But there are many initiatives on the market like "colored coins", Mastercoin, Ethereum as“Bitcoin 2.0″ protocols – alternative cryptographic networks that are inspired by Bitcoin, but which intend to make the underlying technology usable for far more than just currency. They are allowing users to create their own currencies on the Bitcoin network, and more advanced protocols like Mastercoin, Bitshares and Counterparty which intend to provide features such as financial derivatives, savings wallets and decentralized exchange.
So potentially there is no technical ban to issue gigantic amount of virtual money to the market "sitting in Bitcoin" as a fully "spare" coins to BTC. Any of these coins will argument that is a bitcoin practically, and will use the factors of liquidity, fungibility, durability, etc. from the bitcoin network.

What do you think - will be changed approximated BTC inflation by these facts of issuing of any (fully-integrated-with-Bitcoin) new coins? From the economic theory if there is more money on the market then inflation will growth? Bitcoin will be in the same amount on market, but probably will be big amount bitcoin derivatives e.g. BitCoin2 working in the same Bitcoin wallet, fully exchanged to Bitcoin in decentralize way and offering him for example a premium by each bitcoin block.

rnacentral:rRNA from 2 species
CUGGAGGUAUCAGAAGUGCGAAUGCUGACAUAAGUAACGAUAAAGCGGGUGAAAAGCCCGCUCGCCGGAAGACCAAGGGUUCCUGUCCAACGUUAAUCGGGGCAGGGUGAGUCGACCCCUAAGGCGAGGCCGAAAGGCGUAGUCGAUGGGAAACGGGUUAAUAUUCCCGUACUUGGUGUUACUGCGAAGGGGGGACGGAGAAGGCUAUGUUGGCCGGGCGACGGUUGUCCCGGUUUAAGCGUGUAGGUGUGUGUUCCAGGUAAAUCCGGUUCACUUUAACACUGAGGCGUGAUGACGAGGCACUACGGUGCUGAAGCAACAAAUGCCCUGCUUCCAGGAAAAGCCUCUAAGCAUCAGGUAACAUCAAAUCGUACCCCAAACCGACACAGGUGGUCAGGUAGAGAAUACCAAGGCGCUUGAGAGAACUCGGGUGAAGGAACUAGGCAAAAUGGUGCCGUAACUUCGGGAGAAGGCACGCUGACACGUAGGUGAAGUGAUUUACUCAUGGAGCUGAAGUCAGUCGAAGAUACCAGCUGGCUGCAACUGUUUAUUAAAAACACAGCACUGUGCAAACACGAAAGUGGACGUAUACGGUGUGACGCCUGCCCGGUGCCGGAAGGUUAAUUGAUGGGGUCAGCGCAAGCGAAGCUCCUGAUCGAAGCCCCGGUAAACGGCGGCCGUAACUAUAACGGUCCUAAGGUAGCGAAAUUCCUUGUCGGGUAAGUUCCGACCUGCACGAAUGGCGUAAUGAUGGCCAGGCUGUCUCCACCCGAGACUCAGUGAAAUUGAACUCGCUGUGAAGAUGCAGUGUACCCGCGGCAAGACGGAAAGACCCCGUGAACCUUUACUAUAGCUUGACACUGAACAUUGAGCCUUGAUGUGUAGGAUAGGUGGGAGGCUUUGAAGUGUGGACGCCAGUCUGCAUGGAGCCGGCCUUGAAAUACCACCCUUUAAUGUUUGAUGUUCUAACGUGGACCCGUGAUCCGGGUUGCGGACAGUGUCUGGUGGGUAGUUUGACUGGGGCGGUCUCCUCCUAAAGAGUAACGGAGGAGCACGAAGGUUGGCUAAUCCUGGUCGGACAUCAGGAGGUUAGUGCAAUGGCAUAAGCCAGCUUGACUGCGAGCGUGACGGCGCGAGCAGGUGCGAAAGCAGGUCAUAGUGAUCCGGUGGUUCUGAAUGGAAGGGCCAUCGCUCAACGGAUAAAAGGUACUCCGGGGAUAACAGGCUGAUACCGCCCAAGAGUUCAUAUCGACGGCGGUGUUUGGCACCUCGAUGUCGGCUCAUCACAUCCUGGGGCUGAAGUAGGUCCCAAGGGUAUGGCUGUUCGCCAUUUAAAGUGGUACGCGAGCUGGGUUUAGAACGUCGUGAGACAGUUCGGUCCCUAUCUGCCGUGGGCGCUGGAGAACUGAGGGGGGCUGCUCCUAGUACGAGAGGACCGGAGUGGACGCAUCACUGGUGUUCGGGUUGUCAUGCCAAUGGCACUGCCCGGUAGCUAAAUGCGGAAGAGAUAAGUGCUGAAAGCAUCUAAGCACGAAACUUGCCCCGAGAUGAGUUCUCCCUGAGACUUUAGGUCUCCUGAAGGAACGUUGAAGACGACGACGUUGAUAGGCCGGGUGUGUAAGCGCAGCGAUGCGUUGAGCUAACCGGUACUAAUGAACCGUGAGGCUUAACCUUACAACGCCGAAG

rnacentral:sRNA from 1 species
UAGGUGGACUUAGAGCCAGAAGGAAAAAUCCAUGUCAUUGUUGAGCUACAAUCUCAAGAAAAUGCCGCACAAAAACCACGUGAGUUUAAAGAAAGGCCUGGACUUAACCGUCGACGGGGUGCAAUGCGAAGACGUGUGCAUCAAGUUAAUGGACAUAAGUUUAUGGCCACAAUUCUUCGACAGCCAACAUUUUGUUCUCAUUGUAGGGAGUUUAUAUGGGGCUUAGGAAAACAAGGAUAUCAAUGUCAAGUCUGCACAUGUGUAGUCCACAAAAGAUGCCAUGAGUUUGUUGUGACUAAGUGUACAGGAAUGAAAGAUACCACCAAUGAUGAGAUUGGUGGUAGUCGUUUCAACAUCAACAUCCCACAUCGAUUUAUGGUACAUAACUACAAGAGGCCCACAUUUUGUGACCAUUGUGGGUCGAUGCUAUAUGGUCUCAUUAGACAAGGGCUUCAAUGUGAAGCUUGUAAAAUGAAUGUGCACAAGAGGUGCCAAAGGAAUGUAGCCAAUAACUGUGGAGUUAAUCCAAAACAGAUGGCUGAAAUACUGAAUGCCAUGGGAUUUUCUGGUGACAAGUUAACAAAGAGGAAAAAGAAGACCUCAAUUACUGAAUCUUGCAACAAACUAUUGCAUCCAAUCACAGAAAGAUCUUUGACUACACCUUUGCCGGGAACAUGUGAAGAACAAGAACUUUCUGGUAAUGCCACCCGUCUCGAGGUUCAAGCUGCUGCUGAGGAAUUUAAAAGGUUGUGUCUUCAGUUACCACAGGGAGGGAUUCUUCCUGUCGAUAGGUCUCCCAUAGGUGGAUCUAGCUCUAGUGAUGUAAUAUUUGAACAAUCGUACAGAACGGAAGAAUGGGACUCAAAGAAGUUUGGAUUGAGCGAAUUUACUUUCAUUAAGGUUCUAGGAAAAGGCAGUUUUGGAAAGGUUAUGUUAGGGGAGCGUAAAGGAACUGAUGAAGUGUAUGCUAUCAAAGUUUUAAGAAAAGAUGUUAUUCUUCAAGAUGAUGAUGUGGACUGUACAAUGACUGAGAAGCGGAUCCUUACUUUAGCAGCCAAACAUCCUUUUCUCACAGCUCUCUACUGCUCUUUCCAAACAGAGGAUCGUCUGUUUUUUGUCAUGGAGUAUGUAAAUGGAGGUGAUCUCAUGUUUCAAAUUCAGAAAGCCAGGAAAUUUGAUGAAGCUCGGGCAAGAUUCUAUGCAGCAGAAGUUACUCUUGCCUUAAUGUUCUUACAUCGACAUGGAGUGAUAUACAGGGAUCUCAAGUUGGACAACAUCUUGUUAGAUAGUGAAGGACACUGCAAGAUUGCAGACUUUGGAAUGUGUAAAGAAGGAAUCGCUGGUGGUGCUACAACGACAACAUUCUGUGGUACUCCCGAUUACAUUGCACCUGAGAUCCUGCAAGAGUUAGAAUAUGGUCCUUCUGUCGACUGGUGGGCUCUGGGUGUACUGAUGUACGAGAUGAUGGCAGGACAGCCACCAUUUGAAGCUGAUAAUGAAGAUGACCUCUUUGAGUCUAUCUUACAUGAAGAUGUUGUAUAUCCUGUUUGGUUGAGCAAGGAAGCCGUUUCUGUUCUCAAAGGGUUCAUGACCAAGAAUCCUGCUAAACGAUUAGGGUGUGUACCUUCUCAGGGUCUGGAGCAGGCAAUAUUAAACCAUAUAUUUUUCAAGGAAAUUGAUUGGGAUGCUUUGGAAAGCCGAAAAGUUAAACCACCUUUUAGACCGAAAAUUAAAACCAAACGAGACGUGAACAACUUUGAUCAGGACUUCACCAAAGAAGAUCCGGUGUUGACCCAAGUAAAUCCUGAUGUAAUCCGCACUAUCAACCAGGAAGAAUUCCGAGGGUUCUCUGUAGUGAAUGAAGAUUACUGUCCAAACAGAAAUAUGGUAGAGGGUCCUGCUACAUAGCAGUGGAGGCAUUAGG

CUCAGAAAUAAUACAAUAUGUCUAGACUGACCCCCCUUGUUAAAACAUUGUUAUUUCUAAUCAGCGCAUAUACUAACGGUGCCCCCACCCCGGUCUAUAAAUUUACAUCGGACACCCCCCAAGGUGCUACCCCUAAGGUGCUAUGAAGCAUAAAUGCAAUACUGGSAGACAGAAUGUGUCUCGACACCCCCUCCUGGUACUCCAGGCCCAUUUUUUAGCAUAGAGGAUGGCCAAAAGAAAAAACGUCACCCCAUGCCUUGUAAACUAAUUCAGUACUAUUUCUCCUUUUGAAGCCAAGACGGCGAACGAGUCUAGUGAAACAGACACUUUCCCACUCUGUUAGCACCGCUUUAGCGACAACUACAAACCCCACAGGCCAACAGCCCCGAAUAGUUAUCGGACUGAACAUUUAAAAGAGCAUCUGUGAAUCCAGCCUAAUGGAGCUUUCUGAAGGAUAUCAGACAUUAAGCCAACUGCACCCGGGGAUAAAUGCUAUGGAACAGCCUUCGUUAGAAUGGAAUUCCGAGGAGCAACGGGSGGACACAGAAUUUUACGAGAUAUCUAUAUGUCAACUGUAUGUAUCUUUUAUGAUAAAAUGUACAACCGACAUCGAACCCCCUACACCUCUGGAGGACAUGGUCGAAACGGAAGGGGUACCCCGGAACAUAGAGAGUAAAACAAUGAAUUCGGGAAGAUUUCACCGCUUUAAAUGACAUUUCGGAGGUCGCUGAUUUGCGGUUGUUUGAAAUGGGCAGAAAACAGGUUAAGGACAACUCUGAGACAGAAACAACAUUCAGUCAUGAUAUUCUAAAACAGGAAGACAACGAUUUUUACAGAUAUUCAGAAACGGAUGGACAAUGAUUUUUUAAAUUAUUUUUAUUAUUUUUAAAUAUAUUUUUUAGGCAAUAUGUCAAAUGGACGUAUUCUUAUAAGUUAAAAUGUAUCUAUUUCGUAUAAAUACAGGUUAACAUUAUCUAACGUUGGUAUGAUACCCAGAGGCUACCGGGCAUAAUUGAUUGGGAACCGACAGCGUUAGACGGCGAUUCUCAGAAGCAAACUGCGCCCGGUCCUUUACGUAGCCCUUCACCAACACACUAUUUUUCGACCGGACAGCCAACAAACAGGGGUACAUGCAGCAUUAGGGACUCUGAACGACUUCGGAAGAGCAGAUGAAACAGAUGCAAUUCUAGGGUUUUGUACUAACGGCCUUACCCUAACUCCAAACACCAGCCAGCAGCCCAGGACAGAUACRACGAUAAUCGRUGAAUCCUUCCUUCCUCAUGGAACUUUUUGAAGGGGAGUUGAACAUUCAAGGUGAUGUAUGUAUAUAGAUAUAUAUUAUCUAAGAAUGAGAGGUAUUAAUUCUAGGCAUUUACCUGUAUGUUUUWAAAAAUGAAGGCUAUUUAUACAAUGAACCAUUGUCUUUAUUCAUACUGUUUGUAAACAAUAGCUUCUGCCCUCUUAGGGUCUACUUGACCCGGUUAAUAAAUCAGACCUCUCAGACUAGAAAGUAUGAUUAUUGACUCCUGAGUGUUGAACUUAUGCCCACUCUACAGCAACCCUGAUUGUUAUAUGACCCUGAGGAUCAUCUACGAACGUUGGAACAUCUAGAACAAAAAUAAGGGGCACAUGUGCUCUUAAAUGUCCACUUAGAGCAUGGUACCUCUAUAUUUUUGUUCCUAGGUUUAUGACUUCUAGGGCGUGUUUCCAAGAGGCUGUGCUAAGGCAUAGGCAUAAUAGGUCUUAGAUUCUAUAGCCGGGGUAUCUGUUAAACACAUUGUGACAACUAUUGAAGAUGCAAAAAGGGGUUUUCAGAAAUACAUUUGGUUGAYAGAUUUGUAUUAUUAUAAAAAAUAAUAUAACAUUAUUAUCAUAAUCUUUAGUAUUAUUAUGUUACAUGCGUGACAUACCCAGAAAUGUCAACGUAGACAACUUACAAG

What is your opinion? 

There is no technical ban to issue whatever they want issue... but will people adopt, accept and use what they issue?
This is the point.

We already have Bitcoin as a generic payment system, why adopt another?
If Mastercoin or Bishares or others will build decentralized systems for financial derivates, futures, etc. what will be the user base of these? Who will start adopting them? What will be the advantage to move from Bitcoin and similar systems using bitcoins.
Ethereum use ethers. But Reggie Middleton's Ultra-Coin use bitcoins and the BTC's blockchain to do essentially the same derivatives/future stuff.

There is a huge value in using the same type of money as everyone else. There must be a gargantuan advantage to move to another (or a very tiny cost).

If any system/protocol built on top of bitcoin and using BTCs is able to deliver 90% of the value of any system built outside of BTC, people will naturally continue to gravitate around BTC.

This do not prevent the development or adoption of new cryptos, it will just relegate them to niches where they deliver absolutes advantages for specific applications.

Every improvement created outside of Bitcoin will be ported to Bitcoin if technically possible, just because there are too much wealth at stake the people invested in Bitcoin will fund developers to add these to Bitcoin.

A few years ago we had 3D web browsers developed. Now we use the same 2D browsers and if we want 3D navigation we add a specific extension using open protocols.